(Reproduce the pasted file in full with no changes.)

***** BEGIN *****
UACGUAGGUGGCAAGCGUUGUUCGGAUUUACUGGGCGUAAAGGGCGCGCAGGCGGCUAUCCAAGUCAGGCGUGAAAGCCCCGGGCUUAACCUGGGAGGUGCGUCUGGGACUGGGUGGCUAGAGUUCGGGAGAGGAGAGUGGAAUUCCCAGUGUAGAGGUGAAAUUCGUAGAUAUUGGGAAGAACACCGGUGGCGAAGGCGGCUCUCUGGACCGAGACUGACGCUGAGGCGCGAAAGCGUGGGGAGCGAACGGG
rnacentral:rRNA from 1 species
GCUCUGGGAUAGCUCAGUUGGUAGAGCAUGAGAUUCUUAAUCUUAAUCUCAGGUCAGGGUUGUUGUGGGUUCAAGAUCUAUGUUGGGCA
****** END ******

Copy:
UACGUAGGUGGCAAGCGUUGUUCGGAUUUACUGGGCGUAAAGGGCGCGCAGGCGGCUAUCCAAGUCAGGCGUGAAAGCCCCGGGCUUAACCUGGGAGGUGCGUCUGGGACUGGGUGGCUAGAGUUCGGGAGAGGAGAGUGGAAUUCCCAGUGUAGAGGUGAAAUUCGUAGAUAUUGGGAAGAACACCGGUGGCGAAGGCGGCUCUCUGGACCGAGACUGACGCUGAGGCGCGAAAGCGUGGGGAGCGAACGGG
rnacentral:rRNA from 1 species
GCUCUGGGAUAGCUCAGUUGGUAGAGCAUGAGAUUCUUAAUCUUAAUCUCAGGUCAGGGUUGUUGUGGGUUCAAGAUCUAUGUUGGGCA